Mathematical physics reveal nature's formula for survival (w/ Video)

May 14, 2012 by Miles O'Brien

( -- The vascular system of a leaf provides its structure and delivers its nutrients. When you light up that vascular structure with some fluorescent dye and view it using time-lapse photography, details begin to emerge that reveal nature's mathematical formula for survival.

When it comes to optimizing form with function, it's tough to beat Mother Nature.

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"If you begin looking at them in any degree of detail, you will see all of those beautiful arrangements of impinging angles and where the big veins meet the little veins and how well they are arranged," says Marcelo Magnasco, a mathematical physicist at Rockefeller University in New York.

With support from the National Science Foundation (NSF), Magnasco and his colleague, physicist Eleni Katifori, analyze the architecture of leaves by finding that link to function.

They study a specific vascular pattern of loops within loops that is found in many leaves going down to the . It's a pattern that can neutralize the effect of a wound to the leaf, such as a hole in its main vein. Nutrients bypass the hole and the leaf remains completely intact.

"Something that looks pretty looks pretty for a really good reason. It has a well defined and elegant function. We can scan the leaves at extremely high resolution and reconstruct every single little piece of vein, who talks to who, who is connected to who and so forth," explains Magnasco.

Magnasco and Katifori digitally dissect the patterns, level by level. "It was very hard to get to a unique way of actually enumerating how they are ordered. Then we hit on the idea that what we should do is start at the very bottom, counting all of the individual little loops," recalls Magnasco.

"This research is a unique interdisciplinary partnership in which physics is used to address biological problems, and it is our belief that the mathematical and will play a major role in in this century," says Krastan Blagoev, director for the Physics of Living Systems program in NSF's Mathematical and Physical Sciences Directorate, which funded the research.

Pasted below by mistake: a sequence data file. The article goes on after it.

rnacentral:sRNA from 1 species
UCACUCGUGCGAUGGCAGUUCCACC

Magnasco says this research is a jumping off point for understanding other systems that branch and rejoin, including everything from river systems to neural networks and even malignant tumors. "When a tumor becomes malignant it vascularizes, so understanding all of this is extremely important for understanding how these things work," says Magnasco.

Explore further: Leaf veins inspire a new model for distribution networks (w/ Video)

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1 / 5 (1) May 14, 2012
Neural networks? Hell, that leaf looked like a human brain! And I wonder when a parallel will be drawn between the living physical structure and consciousness itself, that it might serve as the most efficient transmission of information in all of its dimensions.
5 / 5 (1) May 14, 2012
So what is mathematical formula? They did not say. Fractal?
not rated yet May 15, 2012
It didn't look fractal. Too random.
not rated yet May 15, 2012
Probably Fibonacci?
1 / 5 (1) May 15, 2012
To the article writer; why bother?
5 / 5 (1) May 15, 2012
It didn't look fractal. Too random -Mondo[/q
It doesn't look random to me. It's like the vascular system in animals, bifurcations on top of bifurcations to ever smaller scales. Of course it's not perfectly symmetric, but I think it does exhibit a fractal dimension.
5 / 5 (2) May 15, 2012
It's almost certainly fractal, specifically a branch of fractals called L-systems http://en.wikiped...L-system
5 / 5 (1) May 15, 2012
It's almost certainly fractal, specifically a branch of fractals called L-systems

Could be. The area between veins on many of the leaves in the video reminded me of the Penrose tilings in the WikiP reference.

To the article writer; why bother?

Learning how leaves evolved a method to bypass common injuries and still provide nutrients to continue growing seems to be a damned good thing to me. Why would you be visiting a science site if "why bother" is your outlook?
not rated yet May 16, 2012

Didn't the father of fractal mathmatics already produce the formulas?
not rated yet May 16, 2012
Look it's definitely fractal benoit betonbrut already been there done that so what's the news???

Benoit should get the credit.

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